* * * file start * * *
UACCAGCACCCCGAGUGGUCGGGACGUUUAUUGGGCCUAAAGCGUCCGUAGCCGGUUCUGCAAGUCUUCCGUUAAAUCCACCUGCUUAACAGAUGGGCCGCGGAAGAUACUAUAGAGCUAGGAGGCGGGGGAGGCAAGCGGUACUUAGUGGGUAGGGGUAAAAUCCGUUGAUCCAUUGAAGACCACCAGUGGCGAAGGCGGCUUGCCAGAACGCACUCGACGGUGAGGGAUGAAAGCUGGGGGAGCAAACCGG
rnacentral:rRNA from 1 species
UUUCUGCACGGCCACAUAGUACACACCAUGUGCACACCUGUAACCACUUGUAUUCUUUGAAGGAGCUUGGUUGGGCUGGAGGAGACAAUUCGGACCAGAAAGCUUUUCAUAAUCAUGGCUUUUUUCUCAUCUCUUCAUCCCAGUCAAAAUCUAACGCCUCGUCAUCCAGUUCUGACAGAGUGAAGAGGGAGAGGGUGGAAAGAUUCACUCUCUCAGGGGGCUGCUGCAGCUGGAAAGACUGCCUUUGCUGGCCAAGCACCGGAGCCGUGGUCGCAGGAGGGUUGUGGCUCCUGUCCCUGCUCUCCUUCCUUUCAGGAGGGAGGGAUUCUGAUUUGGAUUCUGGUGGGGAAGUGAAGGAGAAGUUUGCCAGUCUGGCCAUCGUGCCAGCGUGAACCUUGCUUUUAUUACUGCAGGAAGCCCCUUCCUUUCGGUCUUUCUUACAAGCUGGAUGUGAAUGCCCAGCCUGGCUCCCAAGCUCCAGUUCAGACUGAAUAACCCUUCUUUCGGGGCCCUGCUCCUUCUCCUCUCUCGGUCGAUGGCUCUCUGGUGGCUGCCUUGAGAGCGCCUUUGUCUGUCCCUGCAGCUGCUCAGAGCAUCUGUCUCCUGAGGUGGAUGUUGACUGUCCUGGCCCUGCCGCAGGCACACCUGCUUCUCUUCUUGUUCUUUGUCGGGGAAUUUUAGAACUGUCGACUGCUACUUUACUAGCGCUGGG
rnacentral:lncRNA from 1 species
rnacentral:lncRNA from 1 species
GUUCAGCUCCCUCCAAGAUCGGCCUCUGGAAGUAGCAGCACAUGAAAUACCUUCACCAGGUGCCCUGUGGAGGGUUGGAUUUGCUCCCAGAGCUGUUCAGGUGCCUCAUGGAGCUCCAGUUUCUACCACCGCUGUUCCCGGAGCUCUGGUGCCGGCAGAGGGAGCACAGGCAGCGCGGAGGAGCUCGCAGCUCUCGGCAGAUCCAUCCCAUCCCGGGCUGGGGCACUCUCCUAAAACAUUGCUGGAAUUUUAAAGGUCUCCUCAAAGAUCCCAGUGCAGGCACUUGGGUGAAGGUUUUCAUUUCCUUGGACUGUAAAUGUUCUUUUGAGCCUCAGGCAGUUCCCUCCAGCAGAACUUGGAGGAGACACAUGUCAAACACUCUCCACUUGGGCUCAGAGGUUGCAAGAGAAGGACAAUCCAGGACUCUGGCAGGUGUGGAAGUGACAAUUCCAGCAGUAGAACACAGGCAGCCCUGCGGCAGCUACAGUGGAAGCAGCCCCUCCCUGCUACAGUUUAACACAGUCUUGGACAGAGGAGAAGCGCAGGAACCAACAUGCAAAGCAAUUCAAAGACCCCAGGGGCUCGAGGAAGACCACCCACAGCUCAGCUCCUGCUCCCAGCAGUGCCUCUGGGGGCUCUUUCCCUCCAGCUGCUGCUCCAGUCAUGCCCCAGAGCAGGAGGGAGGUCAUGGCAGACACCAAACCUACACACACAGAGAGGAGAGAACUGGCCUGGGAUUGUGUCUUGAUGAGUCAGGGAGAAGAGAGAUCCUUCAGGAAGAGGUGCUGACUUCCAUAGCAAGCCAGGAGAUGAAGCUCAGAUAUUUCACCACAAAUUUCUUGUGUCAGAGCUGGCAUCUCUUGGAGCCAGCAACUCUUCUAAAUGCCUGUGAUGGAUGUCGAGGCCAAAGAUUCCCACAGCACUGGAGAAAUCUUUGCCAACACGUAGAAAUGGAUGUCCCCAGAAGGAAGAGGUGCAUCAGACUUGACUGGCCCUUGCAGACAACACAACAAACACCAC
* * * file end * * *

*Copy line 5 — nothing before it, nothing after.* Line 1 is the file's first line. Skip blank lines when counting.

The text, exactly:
rnacentral:lncRNA from 1 species